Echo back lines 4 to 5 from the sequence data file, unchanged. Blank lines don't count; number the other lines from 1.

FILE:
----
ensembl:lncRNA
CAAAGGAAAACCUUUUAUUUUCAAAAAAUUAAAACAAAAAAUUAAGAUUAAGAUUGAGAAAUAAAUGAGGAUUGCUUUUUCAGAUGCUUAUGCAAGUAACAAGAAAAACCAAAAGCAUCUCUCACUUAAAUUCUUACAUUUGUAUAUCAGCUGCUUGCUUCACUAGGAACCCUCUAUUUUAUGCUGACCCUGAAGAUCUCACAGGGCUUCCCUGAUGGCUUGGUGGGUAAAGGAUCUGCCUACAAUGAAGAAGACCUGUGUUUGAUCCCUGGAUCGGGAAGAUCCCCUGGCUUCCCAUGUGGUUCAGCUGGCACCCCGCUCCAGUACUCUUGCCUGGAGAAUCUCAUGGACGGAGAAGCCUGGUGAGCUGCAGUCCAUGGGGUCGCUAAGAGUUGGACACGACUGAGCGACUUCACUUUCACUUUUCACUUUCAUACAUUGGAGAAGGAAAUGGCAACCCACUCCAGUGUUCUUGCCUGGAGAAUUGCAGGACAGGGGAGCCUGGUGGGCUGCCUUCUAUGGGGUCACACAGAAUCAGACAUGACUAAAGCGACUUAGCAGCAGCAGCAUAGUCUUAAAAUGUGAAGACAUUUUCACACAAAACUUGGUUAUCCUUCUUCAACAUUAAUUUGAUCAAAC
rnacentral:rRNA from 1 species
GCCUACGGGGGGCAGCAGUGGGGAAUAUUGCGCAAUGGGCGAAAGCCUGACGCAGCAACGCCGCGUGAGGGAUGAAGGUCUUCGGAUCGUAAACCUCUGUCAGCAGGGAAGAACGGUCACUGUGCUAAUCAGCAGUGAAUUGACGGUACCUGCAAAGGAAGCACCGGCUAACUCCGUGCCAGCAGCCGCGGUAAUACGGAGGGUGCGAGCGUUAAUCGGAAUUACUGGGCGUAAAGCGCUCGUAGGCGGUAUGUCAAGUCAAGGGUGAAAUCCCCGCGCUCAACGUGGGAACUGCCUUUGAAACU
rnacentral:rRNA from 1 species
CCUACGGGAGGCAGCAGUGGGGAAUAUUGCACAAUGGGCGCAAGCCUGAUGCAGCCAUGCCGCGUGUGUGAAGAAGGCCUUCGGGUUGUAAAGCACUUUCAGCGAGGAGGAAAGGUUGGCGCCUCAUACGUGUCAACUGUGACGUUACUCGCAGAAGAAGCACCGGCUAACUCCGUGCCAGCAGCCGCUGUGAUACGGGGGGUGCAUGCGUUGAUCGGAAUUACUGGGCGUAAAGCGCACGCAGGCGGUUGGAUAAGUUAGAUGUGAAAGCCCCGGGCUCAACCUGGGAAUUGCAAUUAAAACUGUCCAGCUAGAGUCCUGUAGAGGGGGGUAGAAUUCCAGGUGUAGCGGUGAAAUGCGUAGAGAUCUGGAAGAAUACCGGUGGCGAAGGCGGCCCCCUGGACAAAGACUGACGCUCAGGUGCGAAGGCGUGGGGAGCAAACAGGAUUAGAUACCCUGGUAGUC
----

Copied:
GCCUACGGGGGGCAGCAGUGGGGAAUAUUGCGCAAUGGGCGAAAGCCUGACGCAGCAACGCCGCGUGAGGGAUGAAGGUCUUCGGAUCGUAAACCUCUGUCAGCAGGGAAGAACGGUCACUGUGCUAAUCAGCAGUGAAUUGACGGUACCUGCAAAGGAAGCACCGGCUAACUCCGUGCCAGCAGCCGCGGUAAUACGGAGGGUGCGAGCGUUAAUCGGAAUUACUGGGCGUAAAGCGCUCGUAGGCGGUAUGUCAAGUCAAGGGUGAAAUCCCCGCGCUCAACGUGGGAACUGCCUUUGAAACU
rnacentral:rRNA from 1 species